August 27, 2004
Voters in Florida's Martin County should remember their recent brush with Hurricane Charley and the valuable role general aviation plays in disaster relief before they cast their votes in next Tuesday's election. That's part of the message AOPA is putting out in a series of newspaper ads this weekend.
Three county commission candidates are running on an anti-airport platform, telling the taxpayers they can downsize Stuart's Witham Field. But AOPA is countering the rhetoric with the truth about the airport.
Take Kirk Sorenson, one of three anti-airport candidates for the county commission, who promises in a recent political ad to stop taking FAA funds, downsize the airport, and return money to homeowners.
The problem is, he can't.
Since 1985, the federal government has invested $3.9 million in the airport. And with these grant funds comes a commitment to run the airport as an airport for 20 years. Witham's last grant was in 2002, resetting the 20-year clock. It takes an act of Congress to forgive grant obligations.
"I will never fudge my positions to suit my audience, and I will never mislead you by clever language designed to mean different things to different people," Sorenson says in his ad.
AOPA began countering the inaccurate claims with its own newspaper ads that started running last Sunday. In an open letter to voters, AOPA President Phil Boyer reminds Martin County residents that the airport is not a threat and is responsible for much of the area's growth and desirability, not to mention the airport's important role in disaster relief.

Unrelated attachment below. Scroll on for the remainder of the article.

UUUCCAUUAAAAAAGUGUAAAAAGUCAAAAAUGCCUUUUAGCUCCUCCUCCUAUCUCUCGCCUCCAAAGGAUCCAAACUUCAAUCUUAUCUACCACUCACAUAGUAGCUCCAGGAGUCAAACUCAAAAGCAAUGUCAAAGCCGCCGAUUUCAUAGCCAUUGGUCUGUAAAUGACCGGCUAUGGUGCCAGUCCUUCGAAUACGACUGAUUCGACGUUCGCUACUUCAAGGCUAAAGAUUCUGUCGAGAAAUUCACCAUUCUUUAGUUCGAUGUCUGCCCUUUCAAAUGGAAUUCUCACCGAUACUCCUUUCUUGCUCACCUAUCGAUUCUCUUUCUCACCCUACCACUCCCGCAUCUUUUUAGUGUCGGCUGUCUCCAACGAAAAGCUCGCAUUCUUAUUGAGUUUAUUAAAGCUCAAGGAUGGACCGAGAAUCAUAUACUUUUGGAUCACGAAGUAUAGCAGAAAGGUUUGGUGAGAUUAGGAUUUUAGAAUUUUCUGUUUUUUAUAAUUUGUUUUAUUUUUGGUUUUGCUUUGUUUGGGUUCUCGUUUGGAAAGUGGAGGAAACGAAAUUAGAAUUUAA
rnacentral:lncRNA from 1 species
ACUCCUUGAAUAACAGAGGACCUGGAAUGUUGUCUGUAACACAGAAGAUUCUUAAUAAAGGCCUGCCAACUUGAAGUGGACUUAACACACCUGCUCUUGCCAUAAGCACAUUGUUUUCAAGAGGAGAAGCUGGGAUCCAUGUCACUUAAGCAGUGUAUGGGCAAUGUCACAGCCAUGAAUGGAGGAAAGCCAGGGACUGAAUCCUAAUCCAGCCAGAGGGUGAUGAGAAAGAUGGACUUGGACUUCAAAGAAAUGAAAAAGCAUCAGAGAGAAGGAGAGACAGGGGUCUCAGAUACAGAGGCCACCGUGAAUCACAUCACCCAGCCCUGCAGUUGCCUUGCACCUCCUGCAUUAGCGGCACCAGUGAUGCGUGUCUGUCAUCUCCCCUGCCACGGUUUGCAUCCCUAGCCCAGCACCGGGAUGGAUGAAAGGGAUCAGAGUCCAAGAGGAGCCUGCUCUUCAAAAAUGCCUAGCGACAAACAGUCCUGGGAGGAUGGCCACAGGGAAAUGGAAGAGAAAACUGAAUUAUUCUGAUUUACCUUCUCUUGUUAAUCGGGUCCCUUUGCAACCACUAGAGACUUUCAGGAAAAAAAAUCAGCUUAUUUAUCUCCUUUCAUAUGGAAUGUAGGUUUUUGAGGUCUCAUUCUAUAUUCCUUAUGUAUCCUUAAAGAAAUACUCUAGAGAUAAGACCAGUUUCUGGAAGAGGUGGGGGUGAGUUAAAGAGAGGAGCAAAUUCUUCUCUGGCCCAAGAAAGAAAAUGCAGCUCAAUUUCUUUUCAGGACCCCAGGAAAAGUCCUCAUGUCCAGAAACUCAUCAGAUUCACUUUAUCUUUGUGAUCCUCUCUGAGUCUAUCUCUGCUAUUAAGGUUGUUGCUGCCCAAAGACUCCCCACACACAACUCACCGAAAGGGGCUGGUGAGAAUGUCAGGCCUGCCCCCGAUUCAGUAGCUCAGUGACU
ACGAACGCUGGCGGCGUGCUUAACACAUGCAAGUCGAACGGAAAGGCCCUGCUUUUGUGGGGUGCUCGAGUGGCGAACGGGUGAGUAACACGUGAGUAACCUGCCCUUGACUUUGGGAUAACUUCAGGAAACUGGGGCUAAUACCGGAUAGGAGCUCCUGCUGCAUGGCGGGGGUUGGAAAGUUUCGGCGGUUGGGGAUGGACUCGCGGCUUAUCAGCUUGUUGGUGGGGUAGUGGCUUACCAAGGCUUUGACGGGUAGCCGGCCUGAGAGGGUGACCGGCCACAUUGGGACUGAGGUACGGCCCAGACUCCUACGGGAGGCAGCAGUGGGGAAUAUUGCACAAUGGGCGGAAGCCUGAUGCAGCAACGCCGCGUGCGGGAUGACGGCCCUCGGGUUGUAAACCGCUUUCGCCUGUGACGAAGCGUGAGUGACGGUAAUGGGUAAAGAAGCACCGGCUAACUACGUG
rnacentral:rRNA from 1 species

That was graphically illustrated by AOPA member Rob Coble. He owns a Mooney based at Witham and is the district manager for Lowe's Home Improvement Centers. The day after Hurricane Charley ravaged central Florida, Coble flew himself and other company representatives out of Witham and into Kissimmee Gateway Airport in Orlando. Using a GA aircraft and airports, they were able to coordinate the delivery of trucks carrying water and generators to affected areas.
August 27, 2004
The newest TBM does 330 knots and goes 1,730 nautical miles--and it's in production now.
You'll never guess what goes on inside this sleepy-looking, country home.
It is full of history, and ready for you to come browse.
AOPA thanks our members for their continued support in protecting the freedom to fly.